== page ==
The village’s name comes from the Anglo-Saxon Sibbwines tūn
: "Sibbwine’s farmstead". Sipson village adjoins the Bath Road
(the modern A4
), which linked London to Bath.
The village of Sipson was first mentioned in 1214. By 1337 there were 14 houses at Sipson, surrounded by cultivated land.
The first definite picture of the parish is supplied by Rocque’s map of 1754, where the settlement pattern is clearly shown. At Longford, Harmondsworth, and Sipson there were small, compact groups of houses. Harmondsworth Lane
, running east to Sipson, and continuing to Harlington as Sipson Lane
, was a track across the open fields. The main settlement at Sipson lay south of Harmondsworth Lane
, and was grouped on both sides of Sipson Road
; a few houses were situated at Sipson Green where the road joined the Bath Road
. From the Bath Road
at King’s Arbour to its southernmost point dwellings, collectively known as Heathrow, lined the side of Heathrow Road
In 1754 the greater part of the parish was open. Around all the settlements were inclosed lands, but there appears to have been none elsewhere. Sipson Field covered the area north of Harmondsworth and Sipson lanes. Heathrow Field lay south of the main road and behind Heathrow.
Between 1754 and the Parliamentary inclosure of 1819 inclosure increased. At inclosure few of the roads were altered. Harmondsworth and Sipson lanes were both made along the old tracks.
By 1839 the cultivated area had been considerably extended. There were also almost 30 small orchards scattered across the parish. Sipson Green, lying on both sides of the Bath Road
, was almost as large as Sipson itself, but both Sipson Green and Sipson were smaller than Harmondsworth (the largest village), Longford, and Heathrow. There were village shops at Harmondsworth, Longford, and Sipson, but Heathrow had only a public house.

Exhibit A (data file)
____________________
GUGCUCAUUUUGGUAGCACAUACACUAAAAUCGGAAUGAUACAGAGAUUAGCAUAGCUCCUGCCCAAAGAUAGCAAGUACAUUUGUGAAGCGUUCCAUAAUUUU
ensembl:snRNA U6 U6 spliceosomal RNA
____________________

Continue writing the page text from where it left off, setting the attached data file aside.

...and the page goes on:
By 1900, Sipson houses had been built along Sipson Lane
, Sipson Road
, and Harmondsworth Lane
, while a few dwellings were erected at Sipson Green. A few houses were built along Heathrow Road
and Cain’s Lane but this area remained largely rural until the Second World War. After 1850, however, arable land in the parish diminished and extensive orchards were planted. These lay mainly on the periphery of the parish, on the moors, surrounding Sipson and Sipson Green, in Cain’s Lane, and surrounding Perry Oaks. There were several glasshouses at Sipson by then.
The character of the parish started to change gradually in 1929 with the opening of the Colnbrook by-pass, which left the Bath Road
at the junction with Hatch Lane
and by-passed Longford to the north. Industrial development began in 1930 with the opening of the Road Research Laboratory on the Colnbrook by-pass. In the same year the Fairey Aviation Co. opened an airfield, the Great West Aerodrome, south-west of Heathrow. This formed the nucleus of the later airport, and the Fairey hangar was eventually incorporated into Heathrow Airport as a fire station.
By the late 1930s some residential building had taken place, almost entirely in the northern half of Harmondsworth parish. Small estates were built off Hatch Lane
around Candover Close